DAVID KENTISH (c.1922-c.1965)
MODERN BRITISH (20th Century )
Bettina Shaw-Lawrence (England, 1940)
Oil on canvas
Attached to reverse of frame are two labels: Tate Gallery and Bury St Edmunds Art Gallery, which is inscribed Cedric Morris and Bettina Shaw-Lawrence N.F.S.
(24.02 inches high)
(20.08 inches wide)
Sir Cedric Morris; bequeathed to:
Cedric Morris's housekeeper, Millie Gomersall
London, The Tate Gallery, Cedric Morris Retrospective, 28 March - 13 May 1984, number 65 (as by Cedric Morris)
Description / Expertise
David Kentish trained as an artist under Cedric Morris at the East Anglia School of Art, together with Lucien Freud and Bettina Shaw-Lawrence. Kentish spent the first winter of the 2nd World War in Capel Curig, Wales, with Lucien Freud and the poet Stephen Spender, where they rented a room in a retired miner's house. They spent their days painting and the evenings drawing by lamplight. The winter was hard and there was little to do except work, read, talk and listen to the recordings of Bach that Kentish had brought. Freud's portrait of David Kentish, his rugger-playing school friend form Bryanston public school, along with the sketches he made at this time, was exhibited at the Matthew Marks Gallery, New York in 2003.
Kentish was also an actor and acting and stage management gradually took over his life. In New York on Broadway he acted in King Henry IV Part 1 & Part II and Oedipus Rex (1946) and was the production stage manager on Anthony and Cleopatra (1951) and Venus Observed( 1952).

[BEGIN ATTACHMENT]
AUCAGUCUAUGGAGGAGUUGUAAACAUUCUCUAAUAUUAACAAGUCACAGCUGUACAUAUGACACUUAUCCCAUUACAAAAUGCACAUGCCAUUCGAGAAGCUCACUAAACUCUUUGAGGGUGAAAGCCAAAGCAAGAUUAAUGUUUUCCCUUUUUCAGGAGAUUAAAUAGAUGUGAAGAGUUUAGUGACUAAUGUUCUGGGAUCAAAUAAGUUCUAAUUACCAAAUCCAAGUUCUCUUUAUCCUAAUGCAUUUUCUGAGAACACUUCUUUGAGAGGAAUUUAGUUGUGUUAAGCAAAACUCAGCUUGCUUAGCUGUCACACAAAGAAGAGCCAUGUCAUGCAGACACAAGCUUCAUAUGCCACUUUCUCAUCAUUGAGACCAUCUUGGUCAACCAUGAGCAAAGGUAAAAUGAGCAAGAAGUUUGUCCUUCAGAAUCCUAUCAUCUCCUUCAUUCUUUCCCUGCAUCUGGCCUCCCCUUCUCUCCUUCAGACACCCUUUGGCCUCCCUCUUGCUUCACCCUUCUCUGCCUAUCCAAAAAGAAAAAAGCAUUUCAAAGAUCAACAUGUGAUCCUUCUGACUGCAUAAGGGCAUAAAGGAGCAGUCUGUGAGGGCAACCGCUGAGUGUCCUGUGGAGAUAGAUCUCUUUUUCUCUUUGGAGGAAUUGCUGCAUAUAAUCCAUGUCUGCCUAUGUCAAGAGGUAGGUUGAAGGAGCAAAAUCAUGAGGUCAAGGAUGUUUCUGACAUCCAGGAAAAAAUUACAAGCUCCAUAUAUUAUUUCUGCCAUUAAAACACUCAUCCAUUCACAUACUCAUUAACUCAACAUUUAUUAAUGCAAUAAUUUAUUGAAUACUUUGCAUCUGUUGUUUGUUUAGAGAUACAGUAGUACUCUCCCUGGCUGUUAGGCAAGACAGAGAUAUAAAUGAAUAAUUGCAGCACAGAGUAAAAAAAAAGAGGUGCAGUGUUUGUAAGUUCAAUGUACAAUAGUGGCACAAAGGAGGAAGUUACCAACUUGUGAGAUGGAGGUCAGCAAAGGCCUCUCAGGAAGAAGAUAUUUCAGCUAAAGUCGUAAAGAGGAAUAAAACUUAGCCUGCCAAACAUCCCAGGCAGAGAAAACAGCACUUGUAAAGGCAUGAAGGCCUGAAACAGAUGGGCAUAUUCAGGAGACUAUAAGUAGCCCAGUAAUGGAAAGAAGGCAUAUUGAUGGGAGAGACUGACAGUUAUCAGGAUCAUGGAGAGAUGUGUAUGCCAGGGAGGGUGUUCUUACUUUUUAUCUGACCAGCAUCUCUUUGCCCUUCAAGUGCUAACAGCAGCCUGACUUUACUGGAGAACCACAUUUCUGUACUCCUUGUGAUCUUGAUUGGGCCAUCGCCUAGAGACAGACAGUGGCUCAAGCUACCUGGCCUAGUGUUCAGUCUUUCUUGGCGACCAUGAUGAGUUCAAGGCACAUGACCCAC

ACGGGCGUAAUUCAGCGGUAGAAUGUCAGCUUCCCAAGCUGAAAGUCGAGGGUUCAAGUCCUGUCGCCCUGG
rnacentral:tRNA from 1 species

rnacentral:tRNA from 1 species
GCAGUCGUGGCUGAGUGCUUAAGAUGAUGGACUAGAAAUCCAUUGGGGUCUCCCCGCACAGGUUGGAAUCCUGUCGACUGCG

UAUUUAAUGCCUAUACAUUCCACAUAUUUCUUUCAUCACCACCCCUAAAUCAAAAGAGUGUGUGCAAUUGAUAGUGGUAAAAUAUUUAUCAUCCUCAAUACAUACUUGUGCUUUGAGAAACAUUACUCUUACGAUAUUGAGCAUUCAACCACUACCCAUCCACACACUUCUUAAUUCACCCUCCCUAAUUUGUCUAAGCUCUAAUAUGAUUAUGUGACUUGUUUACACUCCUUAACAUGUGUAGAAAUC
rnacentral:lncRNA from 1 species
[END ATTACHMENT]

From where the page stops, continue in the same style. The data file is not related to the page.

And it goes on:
Although this painting was in the Cedric Morris retrospective at the Tate Gallery in 1984 as by Cedric Morris, Bettina Shaw-Lawrence states that on her 20th birthday, both Lucien Freud and David Kentish painted portraits of her and gave them to her. Bettina was David were romantically involved at the time. She also has stated that she was deprived of both portraits by the school, as Cedric Morris placed them in the storeroom of the school and never returned them to her. Cedric Morris left this portrait by Kentish to his housekeeper, Millie, who assumed it was by him (maybe he also did in the later stages of his life).
Bettina Shaw-Lawrence was born in London in 1921 and left school at the age of 15 to study painting in Paris with Fernand Leger. At the outbreak of the war she returned to London and spent the summer of 1940 at Cedric Morris’ school in Suffolk. She first exhibited in mixed exhibitions both at the Lefevre and Leger Galleries. Her first “one man” show was at the Leicester Galleries in 1947, when she was 26 after she had returned to Paris at the end of the war. She travelled extensively in Europe and lived in Madrid. She now lives in Rome and has exhibited there, in Paris and New York.